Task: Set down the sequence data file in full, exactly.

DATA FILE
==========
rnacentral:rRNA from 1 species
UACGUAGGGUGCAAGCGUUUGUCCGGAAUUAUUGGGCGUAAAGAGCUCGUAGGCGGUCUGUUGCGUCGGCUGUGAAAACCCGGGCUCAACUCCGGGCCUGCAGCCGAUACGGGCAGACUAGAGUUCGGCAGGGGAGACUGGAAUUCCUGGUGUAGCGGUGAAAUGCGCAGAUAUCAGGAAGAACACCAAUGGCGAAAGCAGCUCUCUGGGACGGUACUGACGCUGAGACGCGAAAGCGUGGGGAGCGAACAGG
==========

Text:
rnacentral:rRNA from 1 species
UACGUAGGGUGCAAGCGUUUGUCCGGAAUUAUUGGGCGUAAAGAGCUCGUAGGCGGUCUGUUGCGUCGGCUGUGAAAACCCGGGCUCAACUCCGGGCCUGCAGCCGAUACGGGCAGACUAGAGUUCGGCAGGGGAGACUGGAAUUCCUGGUGUAGCGGUGAAAUGCGCAGAUAUCAGGAAGAACACCAAUGGCGAAAGCAGCUCUCUGGGACGGUACUGACGCUGAGACGCGAAAGCGUGGGGAGCGAACAGG